brought to Toronto to join "Auntie's" family. This was untrue, but her grandchildren believed it, and it gave rise to speculation that Gran'ma might be part First Nations. Unlike most of us she tanned.

The unofficial stories are, by 21st century standards, just as romantic, but illegitimacy was still considered absolutely shameful by both Brits and Canadians of the late 19th and early 20th century, so Gladys would not have liked any of them. My favourite is that her father was a medical student at the University of Edinburgh and a lodger in Auntie's mother's rooming house. As this so-called rooming house came up for sale a year or so ago and could be visited, it was discovered that this rooming house was actually no more than a rooming flat. 

My least favourite story is that Auntie ran off on holiday to Paris  with her employer's son. Who wants some employer's dodgy son for a great-grandfather when one can have a Edinburgh-trained doctor instead? And although Auntie does seem to have been rather headstrong--the one photo of her as a young woman shows her in costume for School for Scandal--it does seem odd that she would think Paris a holiday destination in 1914. 

Auntie lived to a ripe old age and died in a nursing home around the corner from what is now my parents' house. Gladys was a good daughter to Auntie all her days and, in fact, became a volunteer at her nursing home and died there herself almost 30 years later.  And apparently Auntie was a good mother to Gladys, despite the fact Gladys never got to call her "Mother." "Auntie always made sure I had good shoes," proudly said Gladys, who spent much of her working life on her feet. My own mother is proud that Auntie had laid away so much money for her retirement that she died before the money ran out. This is the kind of thing Scottish-Canadians boast about. 

Back to Gladys. So Gladys grew up mostly in Toronto, but spent two or three years in Scotland--Edinburgh and Perthshire--helping Auntie care for relations, and stayed in school long enough to get a teacher's certificate. When she was old enough, she got a summer job waitressing in a hotel on Toronto Island, presumably taking the ferry back and forth, if she didn't live in. Her extended family of Auntie, grandmother, uncle, infant aunt and possible alia, lived all together, possibly above a fish-and-chip shop. At one point they owed a Toronto chippy, calling no man master; goodness, how far we have fallen since then. 

Anyway, Gladys met a nice red-headed boy named George, who lived a long bus ride away, and he got so tired of seeing Gladys home and then having to wait in the bitter Toronto cold for a bus that he asked her to marry him. They married in 1939, and as Gladys was almost 25, George teased her that he was her last chance, which annoyed her no end. George was already in the militia, so when war broke out, off to British Columbia he went to guard the West Coast against the Japanese. Gladys got a job selling hats in Simpson's department store.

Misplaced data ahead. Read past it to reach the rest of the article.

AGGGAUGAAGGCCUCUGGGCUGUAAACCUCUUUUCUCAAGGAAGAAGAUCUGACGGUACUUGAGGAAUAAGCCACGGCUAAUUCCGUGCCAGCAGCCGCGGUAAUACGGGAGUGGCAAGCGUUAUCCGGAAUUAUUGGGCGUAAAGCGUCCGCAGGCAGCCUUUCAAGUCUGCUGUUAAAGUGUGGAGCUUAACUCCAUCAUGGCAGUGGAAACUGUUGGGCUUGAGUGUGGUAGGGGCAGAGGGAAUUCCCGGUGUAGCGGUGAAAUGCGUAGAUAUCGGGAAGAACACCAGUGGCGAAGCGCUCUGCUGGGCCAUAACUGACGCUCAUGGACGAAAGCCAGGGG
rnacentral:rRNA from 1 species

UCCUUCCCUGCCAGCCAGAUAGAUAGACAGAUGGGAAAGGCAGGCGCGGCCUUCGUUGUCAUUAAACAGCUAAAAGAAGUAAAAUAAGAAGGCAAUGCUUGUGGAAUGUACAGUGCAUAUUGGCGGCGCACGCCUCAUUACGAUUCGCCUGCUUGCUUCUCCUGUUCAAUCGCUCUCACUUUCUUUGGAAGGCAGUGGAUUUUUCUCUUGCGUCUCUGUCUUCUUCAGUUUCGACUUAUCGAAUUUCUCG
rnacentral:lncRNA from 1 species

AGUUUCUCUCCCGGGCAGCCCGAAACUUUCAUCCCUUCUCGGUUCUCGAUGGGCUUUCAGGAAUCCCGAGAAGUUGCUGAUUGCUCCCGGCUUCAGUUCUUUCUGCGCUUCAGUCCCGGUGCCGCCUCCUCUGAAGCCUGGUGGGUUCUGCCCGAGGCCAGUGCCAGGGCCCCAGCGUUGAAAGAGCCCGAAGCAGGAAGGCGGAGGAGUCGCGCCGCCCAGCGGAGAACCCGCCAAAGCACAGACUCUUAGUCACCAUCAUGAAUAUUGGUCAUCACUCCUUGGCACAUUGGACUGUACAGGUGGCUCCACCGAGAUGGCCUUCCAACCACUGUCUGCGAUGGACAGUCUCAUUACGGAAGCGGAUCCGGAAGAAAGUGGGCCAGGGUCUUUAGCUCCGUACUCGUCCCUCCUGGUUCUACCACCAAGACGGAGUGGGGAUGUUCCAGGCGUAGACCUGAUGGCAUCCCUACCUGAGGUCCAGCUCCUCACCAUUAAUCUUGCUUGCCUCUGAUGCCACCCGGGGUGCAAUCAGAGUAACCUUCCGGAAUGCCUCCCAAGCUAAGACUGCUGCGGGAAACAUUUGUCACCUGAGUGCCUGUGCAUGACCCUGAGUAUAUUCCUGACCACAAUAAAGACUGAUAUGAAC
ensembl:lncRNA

George had a good war until about 1941 when he was sent overseas. Then--we strongly suspect--he had a bad war. Other than worrying about George, Gladys had a good war. She worked at Simpson's by day and played cards with her mother and same-age aunt by night. And George came home alive, although without the lovely red hair, and a year later she had her one and only baby. 

The baby was the apple of Gladys' eye until her dying day, and there was no way her grandchildren could ever get her on side against the Apple, if they even bothered trying. Gladys had no interest in having any other children, and she was somewhat overwhelmed by the Apple's children, and got out of babysitting quite a lot by referring to her Nerves. This was not just a lazy excuse, for the Nerves were real and were passed down to her eldest granddaughter, although the Nerves were probably exacerbated in Gladys' case by her half-pack a day smoking habit. 

Goodness, did she smoke. George did, too. My mother spent her youth holed up in her room studying and avoiding the fumes. George had early onset deafness--we blamed the war until my mother got it too--and so the television roared. Gladys escaped the television in the kitchen, where she played the radio, smoked and sat at the yellow formica kitchen table, thinking. "Gladys' psycho corner," joked George.

But this is the iconic image of my grandmother, albeit not at the yellow table in her own tobacco-drenched house. In my mind, Gladys is forever sitting at my mother's kitchen table (glass, covered with a salmon crocheted cloth, or the yellow-green crocheted cloth) with her cigarettes and that  old-fashioned "Inuit Art" ashtray--a faceless hunter in a parka slowly snowed over with ash--and a pot of tea. Or sometimes she is striding up the sidewalk on Sunday afternoon with a sturdy 1970s plastic shopping bag, wearing trousers, high-heeled sandals, a belted leather coat and a beret. When her hair went grey, she dyed it silver.